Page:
An alternative route to help less experienced event riders climb the ladder to the top of the sport has received strong support as the FEI finalises its rules for next year.
The current rules were changed midway through the 2021 season, which required less experienced riders to achieve an additional qualifying result at CCI3*-L level before stepping up to CCI4*-L.
The New Zealand federation voiced concerns that this “may discourage riders from pursuing an eventing career”. It cited major delays for those in countries with few CCI3*-L classes and the potential knock-on effect that this could make CCI4*-L classes “non-viable” in those countries owing to small entry numbers.
The federation put forward a “safe and progressive” option for riders to undertake one CCI3*-L and two CCI4*-S, instead of two CCI3*-L and one CCI4*-S.
Britain has “fully supported” the alternative route, as has Switzerland and the US.
H&H covered the first draft of proposals in detail this summer (news, 10 June, 29 July, 5 August), and the FEI has now pressed pause on several major changes mooted in those initial documents.
These include changes to how penalties are allocated for activating a frangible device – a hot topic this season – and the so-called re-qualification rule. The latter of these stems from data showing there is a “significant increase in horse fall risk when a horse returned to play” at four- and five-star after not competing internationally for 18 months or more.
“We recognise why the FEI would like to introduce this rule but there is a very strong feeling from British riders that if re-qualification must be taken that it can be taken at the short level and not long,” stated feedback from British Equestrian, requesting that re-qualification at a national event also be considered as an alternative.
The FEI eventing committee has now temporarily shelved the suggestion until 2023 to allow time for “additional study and review before implementation”.
There will also be no change to the frangible device rules in 2022, with the suggested changes sparking strong reaction from federations.
Currently, combinations receive 11 penalties for activating a frangible device where the dimensions of a fence are modified. For example, a horse hits a jump, the device activates and part of the fence comes down. The FEI suggested clarifying this so penalties are given “if one of the frangible device clips clearly breaks (hook clearly opens from the bolt)”.
The British federation has urged the FEI to consider hind-leg activations “in a different light” to front-leg activations, while others found the FEI’s wording confusing and that the change would put “a lot of responsibility on the fence judge”.
“Although the [German federation] strongly encourages the use of the MIM clip and other new inventions, the stakeholders want safety devices only to prevent horse falls and not [changing] the cross-country [into] another kind of showjumping competition,” states feedback from the German federation, adding that it prefers the current wording.
The German federation also suggests that the course-designer, ground jury and technical delegate are given the freedom to decide ahead of a competition whether 11 penalties are waived for fences using new types of frangible devices.
“This would still encourage the [course-designer] and [organising committees] to make use of new devices to gain more experience with it but would not result in penalties that are felt as unfair,” it adds.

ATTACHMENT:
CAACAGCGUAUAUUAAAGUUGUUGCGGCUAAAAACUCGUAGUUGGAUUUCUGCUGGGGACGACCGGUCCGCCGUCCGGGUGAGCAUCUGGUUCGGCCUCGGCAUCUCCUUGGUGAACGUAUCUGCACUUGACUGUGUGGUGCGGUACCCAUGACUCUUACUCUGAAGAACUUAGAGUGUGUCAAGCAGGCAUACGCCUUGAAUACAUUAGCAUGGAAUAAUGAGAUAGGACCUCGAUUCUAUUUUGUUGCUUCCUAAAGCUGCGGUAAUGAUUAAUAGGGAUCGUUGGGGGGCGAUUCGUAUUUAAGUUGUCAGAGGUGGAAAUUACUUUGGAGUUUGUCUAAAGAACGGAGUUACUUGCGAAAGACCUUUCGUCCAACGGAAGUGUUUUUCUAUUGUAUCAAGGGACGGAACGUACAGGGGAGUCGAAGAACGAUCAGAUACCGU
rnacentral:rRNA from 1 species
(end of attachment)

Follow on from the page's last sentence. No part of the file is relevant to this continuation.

The addition of a rule stating that air jackets are “recommended” received mixed feelings, with Britain and the US among the federations that both supported – and requested further evidence – to back this up.
The question over where to draw the line between treating and cheating in dressage was sparked by the first-draft suggestion to ban “any type of white substance” that could indicate foaming at the mouth and potentially cover lip injuries.
“Some horses foam when given a sugar cube or gum bits, which should not be penalised by this rule change,” noted the US federation. “If the intent is to prohibit “marshmallow fluff” or similar substances, it should be specifically noted, as to not potentially penalise a horse given a sugar cube/gum bits, etc.”
The final rule stands that it is: “strictly forbidden to use any type of white substance (like “marshmallow fluff”, shaving cream, etc…) around the horse’s mouth to imitate foaming; this is considered cheating and against horse welfare as it can hide lip injuries. This will result in a warning or a yellow card.”
The suggestion to split the single harmony mark into two – in broad terms, one mark for horse and one for rider – received support from federations, but has been thrown out by the FEI.
Blood rules across all disciplines, never far from the debating table, were tabled for discussion by the European Equestrian Federation this year. But while there will be no changes for 2022, the topic has not gone away.
An FEI response stated that the “short timeframe” and “complexity” of the issue meant the FEI Board has tasked the technical chairs to discuss [and] review the existing blood rules within the discipline-specific rules and veterinary regulations, in consultation with the FEI legal department.
“The matter will be further discussed after such review, acknowledging that changes to the blood rules, if any, would be deferred to a later stage,” it added.
Voting on the final draft of proposals will take place at the FEI general assembly in Belgium (14–17 November), at which point the final set of 2022 rules will be rubber-stamped.
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